part of the addressing information used to identify the senders and receivers of messages. Port numbers are most commonly used with TCP/IP connections. Home network routers and computer software work with ports and sometimes allow you to configure port number settings. These port numbers allow different applications on the same computer to share network resources simultaneously.
an acronym for Portable Operating System Interface. It is a family of specific standards for maintaining compatibility between operating systems.
Proof of Resource
the value proposition underlying the creation of safecoin. It refers to the process of rewarding resources which have been contributed to the network once they have proven to be useful. For instance, when a data chunk, which has been being stored and tended by a Farmer’s Vault, is requested and promptly provided by the Vault, the network rewards the Vault with the opportunity to earn safecoin. Thus safecoins are only created and rewarded in response for resources which have not only been provided, but have been proven valuable to the network.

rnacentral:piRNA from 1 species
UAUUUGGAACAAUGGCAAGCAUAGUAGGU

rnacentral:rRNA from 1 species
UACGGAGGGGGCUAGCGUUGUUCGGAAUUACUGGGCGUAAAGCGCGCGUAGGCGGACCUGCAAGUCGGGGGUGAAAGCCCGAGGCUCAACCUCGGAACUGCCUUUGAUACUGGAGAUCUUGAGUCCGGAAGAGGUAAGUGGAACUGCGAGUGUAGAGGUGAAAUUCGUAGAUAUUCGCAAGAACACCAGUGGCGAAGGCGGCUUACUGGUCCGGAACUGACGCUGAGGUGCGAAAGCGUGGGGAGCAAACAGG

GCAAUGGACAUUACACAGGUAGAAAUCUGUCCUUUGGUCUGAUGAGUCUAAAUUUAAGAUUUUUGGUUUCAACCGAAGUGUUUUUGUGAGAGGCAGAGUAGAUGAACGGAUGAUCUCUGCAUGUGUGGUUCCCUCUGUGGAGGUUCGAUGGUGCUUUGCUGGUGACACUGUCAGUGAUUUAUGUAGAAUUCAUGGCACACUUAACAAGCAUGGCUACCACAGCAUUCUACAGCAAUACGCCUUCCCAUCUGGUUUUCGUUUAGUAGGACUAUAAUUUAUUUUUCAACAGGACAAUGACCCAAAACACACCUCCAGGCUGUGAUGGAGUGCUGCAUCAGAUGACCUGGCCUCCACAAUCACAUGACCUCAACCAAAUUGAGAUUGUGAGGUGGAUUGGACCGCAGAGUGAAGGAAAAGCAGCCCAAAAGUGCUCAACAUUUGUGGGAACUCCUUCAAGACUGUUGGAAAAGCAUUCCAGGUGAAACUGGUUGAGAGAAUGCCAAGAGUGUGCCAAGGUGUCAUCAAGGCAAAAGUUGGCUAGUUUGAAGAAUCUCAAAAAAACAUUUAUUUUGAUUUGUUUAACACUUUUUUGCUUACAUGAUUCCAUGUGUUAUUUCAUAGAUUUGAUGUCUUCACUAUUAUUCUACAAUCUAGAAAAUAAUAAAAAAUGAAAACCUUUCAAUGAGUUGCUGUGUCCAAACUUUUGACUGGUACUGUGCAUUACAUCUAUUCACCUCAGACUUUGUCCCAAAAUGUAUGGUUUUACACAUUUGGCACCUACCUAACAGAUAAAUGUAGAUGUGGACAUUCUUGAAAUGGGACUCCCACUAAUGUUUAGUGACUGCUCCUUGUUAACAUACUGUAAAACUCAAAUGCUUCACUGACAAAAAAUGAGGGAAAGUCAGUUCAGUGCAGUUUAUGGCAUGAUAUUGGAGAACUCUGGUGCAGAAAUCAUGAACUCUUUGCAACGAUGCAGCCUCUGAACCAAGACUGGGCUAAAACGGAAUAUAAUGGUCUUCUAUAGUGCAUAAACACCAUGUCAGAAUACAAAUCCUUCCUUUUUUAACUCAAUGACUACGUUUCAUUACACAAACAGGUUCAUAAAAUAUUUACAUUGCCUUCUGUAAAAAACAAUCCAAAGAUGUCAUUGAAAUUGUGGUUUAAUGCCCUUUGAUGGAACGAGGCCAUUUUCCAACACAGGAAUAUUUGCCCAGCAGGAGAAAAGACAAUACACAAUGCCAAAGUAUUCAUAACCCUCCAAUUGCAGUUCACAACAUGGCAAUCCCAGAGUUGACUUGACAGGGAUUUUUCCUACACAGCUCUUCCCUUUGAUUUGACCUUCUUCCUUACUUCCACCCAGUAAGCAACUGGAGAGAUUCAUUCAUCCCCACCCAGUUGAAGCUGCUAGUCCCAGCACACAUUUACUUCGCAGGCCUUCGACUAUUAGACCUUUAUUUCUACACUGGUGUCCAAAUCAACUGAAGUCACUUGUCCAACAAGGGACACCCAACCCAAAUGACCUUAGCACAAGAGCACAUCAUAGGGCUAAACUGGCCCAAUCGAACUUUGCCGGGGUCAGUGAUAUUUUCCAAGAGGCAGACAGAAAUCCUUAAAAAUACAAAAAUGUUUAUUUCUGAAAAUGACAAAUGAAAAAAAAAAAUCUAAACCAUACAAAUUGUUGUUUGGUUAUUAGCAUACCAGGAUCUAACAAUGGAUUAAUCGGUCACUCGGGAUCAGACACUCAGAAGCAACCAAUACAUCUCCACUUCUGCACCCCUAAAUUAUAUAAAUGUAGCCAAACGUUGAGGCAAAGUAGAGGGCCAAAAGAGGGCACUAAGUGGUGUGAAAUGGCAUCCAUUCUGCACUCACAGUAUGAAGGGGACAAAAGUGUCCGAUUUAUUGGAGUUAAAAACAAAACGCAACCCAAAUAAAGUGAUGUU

When computers communicate with each other, there needs to be a common set of rules and instructions that each computer follows. A specific set of communication rules is called a protocol. Because of the many ways computers can communicate with each other, there are many different protocols -- too many for the average person to remember.
pseudo-random function
(cryptography) one of a family of efficiently-computable functions which are computationally indistinguishable from truly random functions in most applications.
on a programmatic level, the action of storing a piece of data to the network.
PUT Request
a Client originated message requesting to store data on the SAFE Network. Vaults process this function and may return an error, along with the original request, if the action cannot be completed.